Sept. 9-11, 2012
We’re off to North Dakota and Theodore Roosevelt National Park. We got a late start after touring the dam in Fort Peck, so it turned into a long day. There wasn’t much new to see along the drive, just miles and miles of farmland. We got in too late to go to the visitor center, so we just headed to the campground, self-registered and had a relaxing evening.
We planned two full days in the park. The high temperatures were forecast around 90 degrees for the first day and around 70 degrees for the second day. Thinking that its probably not going to be fun hiking the “badlands” in 90 degree weather, we decided to do the easy stuff first.
We headed over to the visitor center, watched the park movie and discussed hiking options with the ranger for tomorrow. We headed back to the trailer for lunch before setting out on the park loop road.
The park is not that big, and there is a loop road from which you can see a large part of it, with options for smaller hikes, overlooks, and wildlife viewing.
We got off to a little bit of a slow start due to a small traffic jam.
After patiently waiting for the bison to git along, we stopped to take a small hike to a high vista point.
This is another vista point where I snapped this meta-photo.
While the bison are impossible to miss, these guys are a little harder to find. Two wild horses off in the distance.
The classic bison shot.
And Prairie dogs. Lots and lots of prairie dogs. Prairie dogs as far as far as the eye can see. They are fun to watch, but hard to get good pictures of. I’m not sure what this guy was doing, but it looked like he was shadow boxing, swatting his paws wildly in front of his face.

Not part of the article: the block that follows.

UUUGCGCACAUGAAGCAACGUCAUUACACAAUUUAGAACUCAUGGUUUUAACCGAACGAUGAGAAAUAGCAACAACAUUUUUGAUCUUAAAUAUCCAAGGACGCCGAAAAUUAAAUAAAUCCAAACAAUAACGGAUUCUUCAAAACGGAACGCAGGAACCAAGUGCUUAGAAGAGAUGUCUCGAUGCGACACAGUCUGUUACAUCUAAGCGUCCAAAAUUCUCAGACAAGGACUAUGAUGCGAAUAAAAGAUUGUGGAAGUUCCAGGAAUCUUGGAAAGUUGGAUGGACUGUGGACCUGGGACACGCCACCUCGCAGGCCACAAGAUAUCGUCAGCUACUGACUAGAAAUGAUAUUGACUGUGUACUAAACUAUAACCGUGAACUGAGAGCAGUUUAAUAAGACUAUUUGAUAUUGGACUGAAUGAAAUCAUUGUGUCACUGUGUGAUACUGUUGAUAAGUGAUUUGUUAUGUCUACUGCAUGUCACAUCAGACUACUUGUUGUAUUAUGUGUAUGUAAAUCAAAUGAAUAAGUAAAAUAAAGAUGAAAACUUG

Here’s something you don’t see every day, a helicopter landing on a truck. The copters were spraying herbicides to control some invasive plants, and this is how they were reloading the chemicals.
The weatherman kept his word and the next day we woke up to much cooler weather, so we kept to the plan of hiking the park. We chose the Petrified Forest Loop trail, about a 10 or so mile trek. To access the trailhead we had about a 30 minute drive out of the park and over some gravel roads which passed through private ranchland and a bunch of drilling sites just outside the park boundaries. There’s oil in them thar badlands!
Heading out on the trail, its quickly clear that we made the right choice waiting for the cooler day to hike. It would have been brutal in the hot sun.
The trail started out through a mile or two of badlands before getting to the first petrified wood zone. The petrified wood here seemed more fragile than we’ve seen in other places. There weren’t many large pieces and the ground was almost covered in places with small pieces of it. Here’s a couple of the bigger pieces, both stumps.
Coming out of the petrified forest area, we walked up a hill and got to the top of a mesa and there was nothing but grass.
And grass, and grass, and grass, and grass…
After a few miles we took a break to eat lunch. Normally, we would look for a nice overlook, or somewhere comfortable to sit and enjoy our sandwiches. We gave up after 20 minutes and just sat down in the grass.
When we continued our hike after lunch, we ran into another bison traffic jam.
We had to take a wide detour to avoid walking through the herd. We were back on the trail in about a half mile. At this point the trail turned back sharply and into the wind. So now we had a nice 30mph headwind for our next 2 miles or so of grassland. That was fun.
The trail on the grassland was marked by wooden posts every quarter mile or so. And near almost every post could be found a bison wallow. This is a dirt pit where the bison like to roll around on their backs. Bison also like to rub against trees. Our theory was that since there weren’t many trees, the bison were using the posts for rubbing. And what feels good after rubbing, we’re guessing wallowing!
Here’s an example of the post and wallow.
After fighting the wind for what seemed like hours, we finally got to the point where the grasslands turn back into the badlands.
After another mile or two through another petrified forest area we were back at the truck and heading back to camp.
The good thing about our campground is that if you don’t feel like heading out into the park to see animals, the animals will come to you!
Turkeys in our campsite.
An entire herd of bison passed through the campground as well.